Democrats hoping to defeat whichever Republican nominee is expelled forth from the Republican convention have been fretting lately about the burgeoning “Bernie or Bust” phenomenon, best exemplified by Oscar-winner Susan Sarandon‘s recent rant against frontrunner Hillary Clinton. Those anxieties won’t be helped any by a new McClatchy-Marist poll that finds a full 25% of Bernie Sanders‘ supporters vowing not to support Hillary Clinton if she becomes the Democratic nominee:
One out of four Sanders supporters– 25 percent – say they would not back Clinton in a general election if she became the Democratic nominee for president, while just 69 percent say they would support her, according to a new McClatchy-Marist poll.
By comparison, Clinton supporters are considerably more open to supporting Sanders should he overtake her large lead in delegates and win the nomination. Just 14 percent of Clinton supporters would shun him in the general election, while 79 percent would support him, the poll found.
The poll also has Sanders with a narrow 49-47 lead over Hillary nationally.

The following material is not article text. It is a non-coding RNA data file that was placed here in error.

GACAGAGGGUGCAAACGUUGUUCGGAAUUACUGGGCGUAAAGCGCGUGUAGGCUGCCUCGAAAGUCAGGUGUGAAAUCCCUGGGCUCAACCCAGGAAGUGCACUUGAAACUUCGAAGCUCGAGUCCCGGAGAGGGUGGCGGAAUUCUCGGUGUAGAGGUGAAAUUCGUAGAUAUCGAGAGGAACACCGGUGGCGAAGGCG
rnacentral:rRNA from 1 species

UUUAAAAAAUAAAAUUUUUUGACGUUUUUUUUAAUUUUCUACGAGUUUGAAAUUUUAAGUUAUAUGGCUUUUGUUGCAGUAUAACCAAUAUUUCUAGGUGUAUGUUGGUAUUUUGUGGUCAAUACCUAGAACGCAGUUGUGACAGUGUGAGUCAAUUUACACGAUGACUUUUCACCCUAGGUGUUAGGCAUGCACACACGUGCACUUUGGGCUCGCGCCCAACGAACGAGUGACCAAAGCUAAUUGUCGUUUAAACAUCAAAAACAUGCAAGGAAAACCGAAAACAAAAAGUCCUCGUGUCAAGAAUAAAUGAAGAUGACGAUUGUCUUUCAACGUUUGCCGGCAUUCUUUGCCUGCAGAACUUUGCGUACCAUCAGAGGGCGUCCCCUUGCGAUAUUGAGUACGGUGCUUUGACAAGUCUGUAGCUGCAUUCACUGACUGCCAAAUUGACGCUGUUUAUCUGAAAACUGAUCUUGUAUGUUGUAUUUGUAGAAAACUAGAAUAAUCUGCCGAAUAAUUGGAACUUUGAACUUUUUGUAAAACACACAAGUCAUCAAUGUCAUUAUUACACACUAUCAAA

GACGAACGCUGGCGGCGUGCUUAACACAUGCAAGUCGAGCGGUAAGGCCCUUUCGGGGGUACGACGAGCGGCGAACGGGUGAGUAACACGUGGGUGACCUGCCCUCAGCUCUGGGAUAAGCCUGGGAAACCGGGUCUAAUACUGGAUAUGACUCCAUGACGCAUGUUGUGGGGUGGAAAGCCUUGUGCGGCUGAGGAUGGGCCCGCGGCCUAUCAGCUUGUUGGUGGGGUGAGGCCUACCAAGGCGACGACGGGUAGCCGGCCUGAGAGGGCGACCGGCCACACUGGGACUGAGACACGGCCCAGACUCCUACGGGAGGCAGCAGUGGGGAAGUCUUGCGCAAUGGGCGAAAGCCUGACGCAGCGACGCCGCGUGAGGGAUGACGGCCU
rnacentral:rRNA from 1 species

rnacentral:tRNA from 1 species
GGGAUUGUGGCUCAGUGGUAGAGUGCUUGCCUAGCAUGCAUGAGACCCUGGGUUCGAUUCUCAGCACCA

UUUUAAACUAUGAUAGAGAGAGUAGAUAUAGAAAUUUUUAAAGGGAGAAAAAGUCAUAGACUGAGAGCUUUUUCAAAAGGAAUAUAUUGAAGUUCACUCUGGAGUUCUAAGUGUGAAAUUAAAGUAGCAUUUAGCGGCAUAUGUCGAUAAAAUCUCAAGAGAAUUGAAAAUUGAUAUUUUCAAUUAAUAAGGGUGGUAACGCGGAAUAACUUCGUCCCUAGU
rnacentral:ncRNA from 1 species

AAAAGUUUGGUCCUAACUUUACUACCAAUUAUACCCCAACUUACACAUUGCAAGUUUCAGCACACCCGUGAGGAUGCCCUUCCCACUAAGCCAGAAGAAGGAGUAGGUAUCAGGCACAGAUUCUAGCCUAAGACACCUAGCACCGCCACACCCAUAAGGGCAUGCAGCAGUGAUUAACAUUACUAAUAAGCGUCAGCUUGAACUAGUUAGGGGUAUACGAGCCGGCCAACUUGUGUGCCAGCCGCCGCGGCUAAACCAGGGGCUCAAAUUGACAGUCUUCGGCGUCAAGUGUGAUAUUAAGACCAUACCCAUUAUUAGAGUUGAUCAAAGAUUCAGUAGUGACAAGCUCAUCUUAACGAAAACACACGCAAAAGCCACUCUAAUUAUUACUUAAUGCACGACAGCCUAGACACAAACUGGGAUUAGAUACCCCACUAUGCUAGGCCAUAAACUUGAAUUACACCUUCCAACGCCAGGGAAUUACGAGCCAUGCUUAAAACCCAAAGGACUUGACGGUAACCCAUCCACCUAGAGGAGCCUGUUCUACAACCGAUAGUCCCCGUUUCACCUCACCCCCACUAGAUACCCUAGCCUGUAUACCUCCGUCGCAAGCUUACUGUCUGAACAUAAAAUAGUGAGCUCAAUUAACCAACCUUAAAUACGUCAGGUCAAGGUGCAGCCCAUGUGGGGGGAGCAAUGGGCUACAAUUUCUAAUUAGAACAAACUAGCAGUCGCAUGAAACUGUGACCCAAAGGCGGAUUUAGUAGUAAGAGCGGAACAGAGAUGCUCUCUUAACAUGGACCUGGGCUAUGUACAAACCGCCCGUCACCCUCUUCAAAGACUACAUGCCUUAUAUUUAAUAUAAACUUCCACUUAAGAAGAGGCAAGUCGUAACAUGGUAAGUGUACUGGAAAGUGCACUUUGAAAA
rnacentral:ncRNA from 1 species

So, just how concerned should Democrats be? Will Sanders die-hards really stay home, or even vote for Donald Trump or Ted Cruz or, I don’t know, Ted Nugent?
Well, let’s put it this way: how worried would you be if, say, 28% of your rival’s supporters said they’d vote for the other party’s candidate? What if 35% of your rival’s supporters said they’d vote for the other party’s candidate or stay home?
That’s the situation that then-Senator Barack Obama found himself in during the 2008 presidential election, where May exit polls in Indiana had 50% of Hillary Clinton supporters saying they’d vote McCain or stay home. In March, Gallup had 28% of Clinton supporters voting for McCain instead of Obama. The same poll had 19% of Obama supporters who said they would vote for McCain over Hillary. By the time the primaries were over, CNN had 35% of Clinton supporters nationally saying they wouldn’t support Obama.
That election worked out fine for the Democrats, and they were starting with a much wider gulf, and likely a much less scary opponent. While there may be some Bernie-or-Bust dead-enders at the end of the day, it doesn’t seem likely that the 25% figure will hold.
This is an opinion piece. The views expressed in this article are those of just the author.